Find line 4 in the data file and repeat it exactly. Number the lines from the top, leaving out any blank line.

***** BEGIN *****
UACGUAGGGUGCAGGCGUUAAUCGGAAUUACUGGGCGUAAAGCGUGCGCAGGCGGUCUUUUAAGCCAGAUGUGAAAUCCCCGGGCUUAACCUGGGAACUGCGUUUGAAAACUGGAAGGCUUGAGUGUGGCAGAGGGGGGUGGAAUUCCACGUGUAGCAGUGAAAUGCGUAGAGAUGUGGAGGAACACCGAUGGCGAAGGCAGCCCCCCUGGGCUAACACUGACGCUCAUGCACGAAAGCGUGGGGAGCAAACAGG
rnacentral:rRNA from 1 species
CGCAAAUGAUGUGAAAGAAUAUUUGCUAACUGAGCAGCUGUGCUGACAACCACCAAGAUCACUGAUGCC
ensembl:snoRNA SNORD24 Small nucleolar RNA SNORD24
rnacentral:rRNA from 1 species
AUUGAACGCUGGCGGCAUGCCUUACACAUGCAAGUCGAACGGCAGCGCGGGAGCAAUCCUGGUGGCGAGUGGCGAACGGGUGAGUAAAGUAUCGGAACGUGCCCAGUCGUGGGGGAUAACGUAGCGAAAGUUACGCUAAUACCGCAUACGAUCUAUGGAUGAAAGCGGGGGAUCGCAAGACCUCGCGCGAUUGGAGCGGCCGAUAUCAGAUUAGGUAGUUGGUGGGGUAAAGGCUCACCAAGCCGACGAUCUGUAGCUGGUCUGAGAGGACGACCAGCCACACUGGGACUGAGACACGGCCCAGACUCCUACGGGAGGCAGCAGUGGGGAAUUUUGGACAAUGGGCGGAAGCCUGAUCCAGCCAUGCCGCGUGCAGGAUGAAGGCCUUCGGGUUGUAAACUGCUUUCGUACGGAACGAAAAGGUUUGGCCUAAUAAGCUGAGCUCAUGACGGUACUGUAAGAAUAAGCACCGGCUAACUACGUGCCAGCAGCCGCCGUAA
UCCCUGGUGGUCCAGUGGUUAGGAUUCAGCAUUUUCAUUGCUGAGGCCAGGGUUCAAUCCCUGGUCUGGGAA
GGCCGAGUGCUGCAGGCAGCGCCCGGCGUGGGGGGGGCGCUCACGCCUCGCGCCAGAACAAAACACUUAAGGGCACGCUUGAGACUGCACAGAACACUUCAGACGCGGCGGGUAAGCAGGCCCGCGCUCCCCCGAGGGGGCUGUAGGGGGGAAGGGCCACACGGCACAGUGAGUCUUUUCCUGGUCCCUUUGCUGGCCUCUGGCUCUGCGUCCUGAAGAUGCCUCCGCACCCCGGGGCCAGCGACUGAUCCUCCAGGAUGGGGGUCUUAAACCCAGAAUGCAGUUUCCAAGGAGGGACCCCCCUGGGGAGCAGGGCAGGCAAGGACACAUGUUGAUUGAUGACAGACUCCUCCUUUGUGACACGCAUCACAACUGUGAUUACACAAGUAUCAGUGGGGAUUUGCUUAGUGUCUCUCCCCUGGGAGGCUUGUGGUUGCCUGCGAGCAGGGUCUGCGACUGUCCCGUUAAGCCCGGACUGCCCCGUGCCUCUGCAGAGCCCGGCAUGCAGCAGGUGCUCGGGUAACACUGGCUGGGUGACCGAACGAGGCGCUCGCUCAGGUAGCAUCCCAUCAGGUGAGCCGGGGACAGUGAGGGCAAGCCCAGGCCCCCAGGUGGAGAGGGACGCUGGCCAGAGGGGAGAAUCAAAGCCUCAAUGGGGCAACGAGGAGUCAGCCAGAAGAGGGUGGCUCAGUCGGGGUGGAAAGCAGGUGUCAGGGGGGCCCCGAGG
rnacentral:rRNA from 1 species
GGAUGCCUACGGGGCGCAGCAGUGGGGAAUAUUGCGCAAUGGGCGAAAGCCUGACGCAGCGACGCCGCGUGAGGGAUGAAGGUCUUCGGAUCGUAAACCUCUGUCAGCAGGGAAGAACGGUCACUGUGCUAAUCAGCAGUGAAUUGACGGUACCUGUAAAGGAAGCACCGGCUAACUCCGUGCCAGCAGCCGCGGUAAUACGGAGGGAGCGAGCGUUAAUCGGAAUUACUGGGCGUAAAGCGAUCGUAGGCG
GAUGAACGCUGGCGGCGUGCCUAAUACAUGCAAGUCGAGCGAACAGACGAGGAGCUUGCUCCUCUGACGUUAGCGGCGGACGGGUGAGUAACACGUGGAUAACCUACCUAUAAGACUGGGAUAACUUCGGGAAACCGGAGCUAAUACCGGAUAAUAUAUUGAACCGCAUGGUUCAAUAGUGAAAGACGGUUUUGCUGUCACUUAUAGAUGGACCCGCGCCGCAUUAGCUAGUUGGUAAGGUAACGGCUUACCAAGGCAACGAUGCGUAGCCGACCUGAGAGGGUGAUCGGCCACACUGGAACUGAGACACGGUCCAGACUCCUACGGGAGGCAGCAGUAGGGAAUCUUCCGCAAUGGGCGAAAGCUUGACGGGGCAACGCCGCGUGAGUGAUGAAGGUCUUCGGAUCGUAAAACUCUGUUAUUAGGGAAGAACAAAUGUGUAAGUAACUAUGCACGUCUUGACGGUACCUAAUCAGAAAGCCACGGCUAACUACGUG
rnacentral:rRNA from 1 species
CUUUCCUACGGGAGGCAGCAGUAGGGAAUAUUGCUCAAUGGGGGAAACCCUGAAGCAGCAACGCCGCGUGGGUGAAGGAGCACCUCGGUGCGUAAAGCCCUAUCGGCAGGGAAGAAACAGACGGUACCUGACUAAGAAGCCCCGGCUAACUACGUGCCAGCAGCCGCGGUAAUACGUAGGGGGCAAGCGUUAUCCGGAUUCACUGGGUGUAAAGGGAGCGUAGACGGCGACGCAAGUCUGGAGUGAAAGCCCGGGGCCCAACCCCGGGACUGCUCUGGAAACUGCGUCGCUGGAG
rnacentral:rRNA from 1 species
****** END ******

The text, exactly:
ensembl:snoRNA SNORD24 Small nucleolar RNA SNORD24